Courtesy of Richard Wolowicz/Getty Images

Last week we reviewed the bottom 6 forwards for the Toronto Maple Leafs in 2011-12. There were some good observations, but let’s be honest: it isn’t an area where the Leafs need to address nearly as many problems as other segments of the roster. That’s mostly why I chose to review them first; it’s easy to see why many of them are no good and why some are worth keeping. The top 6, defence and goaltending, on the other hand, are much harder problems to solve.  All we can do is look at the stats and hope management sees what we do. To that end, we look at the top 6 forwards today, of which the Leafs had seven: Mikhail Grabovski, Clarke MacArthur, Nikolai Kulemin, Nazem Kadri, Phil Kessel, Joffrey Lupul and Tyler Bozak.

Green is best value, red is worst value

A few things immediately spring to mind after looking at the scoring summary of these players. One is that Kessel and Lupul scored at a far, far higher pace than their career averages. In Kessel’s case, we can attribute this jump to a young player growing into his game. For Lupul, the question becomes trickier. Kadri ended the season being on pace for a little under 20 goals, which I doubt many Leafs fans would have been upset with had he been with the team all season. Especially when the comparison is made to Kulemin, who played the vast majority of the season and mustered only 2 more goals than Kadri did in 21 games.

Clarke MacArthur’s 43 points are well below last year’s 62, but is still higher than his career average before this season. I’m inclined to believe that this season is the likely expectation for MacArthur in the future. Which is not say it’s bad (they’re fringe second line stats), but he represents an area for improvement. Finally, Bozak’s stats are interesting because of their stark contrast to his most frequent linemates, Kessel and Lupul. It makes you wonder what kind of season those two would have had had there been a PPG center between them.

Same as above; All stats at even strength

The Corsi values for the top 6 are generally average, well below a playoff top 6. Stand outs are Grabovski and Kadri, which is little surprise to people who have viewed their expertise with the puck. Kessel’s Corsi is low due to his linemates. Joffrey Lupul is by no means speedy and Tyler Bozak seems out of place on a NHL top line. That’s not to say that Bozak is a poor player. Quite the opposite in fact. However, it is difficult to deny that his place is on the third line. He’s been a decent stand in, but the top line center position is one that still needs filling. Bozak is primarily good in the defensive end and this is reflected partly in his low Corsi.

Shooting percentage is another area of worry, with every single player on this list being well above expected values. Lupul’s on-ice shooting percentage of 10.77% in particular is a worrying prospect to his being a point per game player in the future. Some players, like Kessel and Kadri, may be able to keep similar on-ice shooting percentages in the future due to their heightened passing ability, but expect drops from everyone else. Clarke MacArthur and Nik Kulemin having such high percentages is likely surprising to many Leafs fans, but it is testament to their extremely low shot totals. Kulemin in particular (107 shots this year compared to 173 last season) has become a self-fulfilling prophecy, carrying a slow start through the entire season.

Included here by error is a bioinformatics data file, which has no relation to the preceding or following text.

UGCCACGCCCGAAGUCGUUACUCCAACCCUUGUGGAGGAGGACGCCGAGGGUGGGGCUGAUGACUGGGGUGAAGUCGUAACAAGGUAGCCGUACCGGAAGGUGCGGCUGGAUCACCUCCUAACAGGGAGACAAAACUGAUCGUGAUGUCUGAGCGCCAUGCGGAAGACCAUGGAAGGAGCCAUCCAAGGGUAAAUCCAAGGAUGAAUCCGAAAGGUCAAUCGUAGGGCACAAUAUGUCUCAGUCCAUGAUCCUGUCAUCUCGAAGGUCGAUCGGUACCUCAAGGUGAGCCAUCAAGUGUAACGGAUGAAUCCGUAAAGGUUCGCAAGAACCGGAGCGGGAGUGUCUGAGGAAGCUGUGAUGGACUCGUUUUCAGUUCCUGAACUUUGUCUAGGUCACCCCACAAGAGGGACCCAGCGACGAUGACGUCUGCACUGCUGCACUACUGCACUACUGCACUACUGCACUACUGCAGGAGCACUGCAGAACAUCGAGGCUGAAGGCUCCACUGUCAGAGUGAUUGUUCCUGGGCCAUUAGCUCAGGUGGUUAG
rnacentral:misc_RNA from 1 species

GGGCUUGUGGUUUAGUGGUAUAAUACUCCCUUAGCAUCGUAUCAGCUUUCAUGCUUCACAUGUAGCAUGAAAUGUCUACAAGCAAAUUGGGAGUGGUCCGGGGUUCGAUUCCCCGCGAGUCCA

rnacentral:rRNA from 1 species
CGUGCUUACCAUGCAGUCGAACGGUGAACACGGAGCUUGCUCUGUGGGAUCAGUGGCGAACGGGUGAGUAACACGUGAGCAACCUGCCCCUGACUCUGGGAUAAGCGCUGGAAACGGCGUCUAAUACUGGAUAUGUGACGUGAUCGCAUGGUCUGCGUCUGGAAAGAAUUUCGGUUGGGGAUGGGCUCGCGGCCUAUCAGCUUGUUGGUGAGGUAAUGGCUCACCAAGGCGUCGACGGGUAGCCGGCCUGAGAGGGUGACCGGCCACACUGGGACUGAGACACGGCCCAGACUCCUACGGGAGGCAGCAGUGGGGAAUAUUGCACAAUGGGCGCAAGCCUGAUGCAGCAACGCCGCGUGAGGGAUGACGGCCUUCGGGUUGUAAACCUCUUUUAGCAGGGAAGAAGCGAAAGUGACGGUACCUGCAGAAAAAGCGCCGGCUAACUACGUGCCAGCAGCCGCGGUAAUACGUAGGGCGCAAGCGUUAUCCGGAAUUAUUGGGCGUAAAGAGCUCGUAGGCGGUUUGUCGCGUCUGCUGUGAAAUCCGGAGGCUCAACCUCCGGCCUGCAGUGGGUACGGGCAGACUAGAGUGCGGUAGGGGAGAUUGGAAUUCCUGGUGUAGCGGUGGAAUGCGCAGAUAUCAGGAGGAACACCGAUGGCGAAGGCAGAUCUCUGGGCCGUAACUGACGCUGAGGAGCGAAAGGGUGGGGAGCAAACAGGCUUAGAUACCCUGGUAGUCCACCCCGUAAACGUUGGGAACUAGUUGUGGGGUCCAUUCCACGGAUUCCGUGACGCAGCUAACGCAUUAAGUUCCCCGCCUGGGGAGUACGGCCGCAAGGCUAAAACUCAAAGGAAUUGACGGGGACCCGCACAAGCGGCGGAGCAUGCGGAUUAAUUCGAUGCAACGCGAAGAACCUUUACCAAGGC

The varying save percentages mean little. James Reimer had an even strength save percentage of .918, Jonas Gustavsson had .904 and Ben Scrivens had .910. Most of these forwards fall within this range. Kessel and Lupul are below expected values, which should come as no surprise to anyone that saw those two in their own end. As for Kadri, I would contend that his extremely high on-ice save percentage is likely a case of a small sample size, though it is a good sign for his continued development.

Same as above; All stats at even strength

No player in the Leafs’ top 6 took more penalties than they drew this season. Kadri did a superb job drawing penalties, likely due to his sometimes weak stance. Bozak and Lupul did a decent job physically on the first line, making up somewhat for Kessel’s soft game. Kadri was on pace for just under one hundred hits himself, underscoring his weird big hits, small stature dichotomy. He was also on pace for the least blocked shots in the group, though no one in the top 6 is a stand out in that category.

Deciding what to do with the top 6 is a tough choice. I saw some real nice things from Kadri this year and wouldn’t mind him being thrown into the fire next season, likely in place of Kulemin on the second line. For Kulemin, I think it’s too early to give up on someone who has shown so much in the past, but it may be time to start him on the third line. Matt Frattin could also move up with Kadri and Grabovski in place of MacArthur. You would end up with a speedy second line that can both pass and shoot well. As for MacArthur, I think it’s time to cash out and see what we can get for him. He’s a decent player, but if you can trade him for a first, I think you have to pull the trigger. But of course, the most important spot is the first line center. Either through the draft or through a trade, someone more points capable needs to be put between Kessel and Lupul. As for Lupul, expect a drop in production, though it isn’t likely he’ll fall far.

That wraps up my look at the forwards on the Leafs in 2011-12. Here are my lines for 2012-13:

Lupul – Draft/Trade – Kessel

Frattin – Grabovski – Kadri

Kulemin – Bozak – Connolly

Marlies/UFA – Steckel – Brown

It certainly isn’t perfect, but it would allow the young guys to grow for another year before the Leafs actually become a threat. What lines would you guys put out there next season?

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